Cloud

Implementing hybrid cloud: 5 major challenges

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Granting almost unlimited access to storage, computing and networking resources along with easy deployment around the world, it’s no wonder cloud quickly became a number-one tool for data center costs optimization and time-to-market reduction when it comes to service delivery. 

The first question that arises before moving an infrastructure to the cloud is how to reduce migration-related risks and speed up the very process not being held back by security, privacy, government regulations or compliance issues. That’s where a hybrid cloud is taking the floor. The idea behind a hybrid cloud computing environment is simple: services moved to the cloud remain a part of the infrastructure that keeps being deployed in the private data center. 

Talking about cloud migration strategies, a so-called lift and shift model deserves its widespread popularity. According to the model, a migration process is split into two phases:

  • Lift – moving an existing infrastructure to the cloud as is
  • Shift – presupposes an adoption of the infrastructure for the cloud covering any type of optimization needed 

This article focuses on the main challenges of the lift phase in hybrid cloud implementation, stressing features to be taken into account while choosing a matching cloud provider. 

1. Networking

Implementing hybrid cloud infrastructure resembles opening a new data center. However, instead of opting for multiple internet service providers and network equipment and hardware of your choice, hybrid cloud requires relying on a cloud provider. Because of this restriction, make sure that your selected cloud provider covers the following aspects:

  • Ability to design and implement virtual private cloud networks (VPC) with subnets with a defined range of IP addresses
  • Ability to set up virtual private network (VPN) connection options compatible with available hardware or software
  • In case low network latency is needed or to avoid public internet traffic, consider the ability to establish a direct connection between your private data center and VPC (as is provided by cloud computing leaders AWS, Azure and Google). Also, establishing connectivity between your data center on premises and a cloud in your network infrastructure would be completely your responsibility, so plan it in advance.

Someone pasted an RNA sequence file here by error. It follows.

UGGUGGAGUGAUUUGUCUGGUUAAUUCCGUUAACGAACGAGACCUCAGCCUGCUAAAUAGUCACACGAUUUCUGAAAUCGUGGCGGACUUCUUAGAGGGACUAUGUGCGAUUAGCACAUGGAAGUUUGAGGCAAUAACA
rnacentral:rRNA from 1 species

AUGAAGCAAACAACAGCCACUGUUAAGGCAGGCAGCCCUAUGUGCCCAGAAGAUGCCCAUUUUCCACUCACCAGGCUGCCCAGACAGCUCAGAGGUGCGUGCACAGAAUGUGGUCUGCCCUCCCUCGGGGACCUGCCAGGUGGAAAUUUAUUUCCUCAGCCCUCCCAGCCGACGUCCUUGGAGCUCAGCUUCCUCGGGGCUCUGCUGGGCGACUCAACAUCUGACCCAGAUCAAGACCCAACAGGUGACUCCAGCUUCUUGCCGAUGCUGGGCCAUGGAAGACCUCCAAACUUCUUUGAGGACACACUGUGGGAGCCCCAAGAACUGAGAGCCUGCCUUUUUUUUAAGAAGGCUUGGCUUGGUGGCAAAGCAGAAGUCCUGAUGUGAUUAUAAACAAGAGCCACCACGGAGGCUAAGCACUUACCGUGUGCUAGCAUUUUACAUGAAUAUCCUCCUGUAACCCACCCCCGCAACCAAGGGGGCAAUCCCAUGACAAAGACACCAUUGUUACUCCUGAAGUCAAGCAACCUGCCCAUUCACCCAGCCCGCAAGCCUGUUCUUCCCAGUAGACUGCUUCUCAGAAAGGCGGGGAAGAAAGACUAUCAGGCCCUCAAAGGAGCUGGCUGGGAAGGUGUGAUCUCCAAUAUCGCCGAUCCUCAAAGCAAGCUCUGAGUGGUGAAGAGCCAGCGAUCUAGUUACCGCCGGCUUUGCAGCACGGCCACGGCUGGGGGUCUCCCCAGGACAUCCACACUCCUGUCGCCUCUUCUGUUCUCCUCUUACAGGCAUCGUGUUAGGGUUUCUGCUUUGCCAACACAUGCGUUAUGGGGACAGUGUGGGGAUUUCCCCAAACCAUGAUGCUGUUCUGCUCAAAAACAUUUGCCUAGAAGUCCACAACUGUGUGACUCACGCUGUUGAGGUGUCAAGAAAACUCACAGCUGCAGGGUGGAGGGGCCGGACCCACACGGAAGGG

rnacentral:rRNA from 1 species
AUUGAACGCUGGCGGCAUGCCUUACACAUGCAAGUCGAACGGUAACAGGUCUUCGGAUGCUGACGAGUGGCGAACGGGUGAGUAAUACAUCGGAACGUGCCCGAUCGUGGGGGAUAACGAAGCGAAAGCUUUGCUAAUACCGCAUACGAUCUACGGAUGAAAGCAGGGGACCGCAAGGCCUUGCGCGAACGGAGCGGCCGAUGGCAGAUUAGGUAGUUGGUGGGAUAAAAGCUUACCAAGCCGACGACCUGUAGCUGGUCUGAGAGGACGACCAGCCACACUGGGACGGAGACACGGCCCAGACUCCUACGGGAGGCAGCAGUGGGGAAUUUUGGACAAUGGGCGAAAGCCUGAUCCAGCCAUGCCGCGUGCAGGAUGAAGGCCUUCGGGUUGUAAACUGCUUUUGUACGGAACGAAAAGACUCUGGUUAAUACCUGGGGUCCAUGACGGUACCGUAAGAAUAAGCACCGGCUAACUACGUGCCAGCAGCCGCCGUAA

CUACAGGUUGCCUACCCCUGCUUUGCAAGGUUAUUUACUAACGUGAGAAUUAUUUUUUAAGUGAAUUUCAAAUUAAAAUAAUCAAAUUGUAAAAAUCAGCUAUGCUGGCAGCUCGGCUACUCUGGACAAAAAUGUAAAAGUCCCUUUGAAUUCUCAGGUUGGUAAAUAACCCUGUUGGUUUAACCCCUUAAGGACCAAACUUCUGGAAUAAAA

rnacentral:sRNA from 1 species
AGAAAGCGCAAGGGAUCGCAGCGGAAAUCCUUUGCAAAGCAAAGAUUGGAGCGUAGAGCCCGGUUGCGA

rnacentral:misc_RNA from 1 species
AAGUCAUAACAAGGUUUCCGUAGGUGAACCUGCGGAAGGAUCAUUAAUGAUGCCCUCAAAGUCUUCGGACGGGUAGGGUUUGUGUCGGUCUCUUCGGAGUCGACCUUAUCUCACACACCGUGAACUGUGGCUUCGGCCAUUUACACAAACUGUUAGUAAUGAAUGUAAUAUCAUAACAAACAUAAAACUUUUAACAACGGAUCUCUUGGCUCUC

2. Migration

Hybrid cloud migration consists of two stages:

  1. Server migration, which is moving a server fleet from a private data center to the cloud. The main challenge is to choose an implementation strategy that covers time to market, availability of resources and expertise, as well as services modernization.
  2. Data migration, which is when data stored in your file system on the database servers needs to be moved to the cloud. Two typical challenges include data volume size and the ability to move it without service interruption.

3. Encryption 

Today, data is a commodity and the main value of any business, so data leakage is one of the biggest nightmares ever. Another possible obstacle is compliance with governmental or industry-bound regulations. That’s where you need data encryption with access to it being provided exclusively to the authorized parties. Check whether your selected cloud provider offers encryption options and if they actually satisfy your needs. 

4. Access and identity management 

For any enterprise application, it is important to provide a single sign-on solution to support common user experience for the cloud and on-premises services to avoid the use of different credentials. On the other hand, it is much easier to support the existing access and identity management if you apply them to the cloud infrastructure. Think how to integrate the existing users’ database with the cloud application and — more important — how it can be done for API and management console. 

5. Compliance 

Compliance may be viewed from two perspectives:

  • Legal compliance. Make sure your cloud provider has all the required certifications to comply with policies and governmental regulations in a target state.
  • Technical compliance. According to shared responsibility, your cloud provider is in charge of hardware, while you are responsible for software configuration and applications security. Make sure you have enough tools to implement a secure and compliant solution according to your requirements and needs. 

Even though implementation of a hybrid cloud might seem rather challenging, numerous cloud providers offer solutions that are capable of overcoming the mentioned issues and ensure successful hybrid cloud implementation. Determine your priorities and needs, build a clear vision of what to expect from a cloud provider and get ready for the benefits of the hybrid cloud. 

Vadym Fedorov is a solutions architect and expert in enterprise application development at SoftServe, a cloud provider.  With over 12 years of experience, Vadym holds multiple industry certifications and was awarded at the Ukrainian IT Awards in 2015 for Software Architecture. Vadym writes for several tech publications and is a regular contributor to the SoftServe United blog. Check out more of his thoughts on cloud solutions there. 

 

 

 

 

 

 

 

 

 

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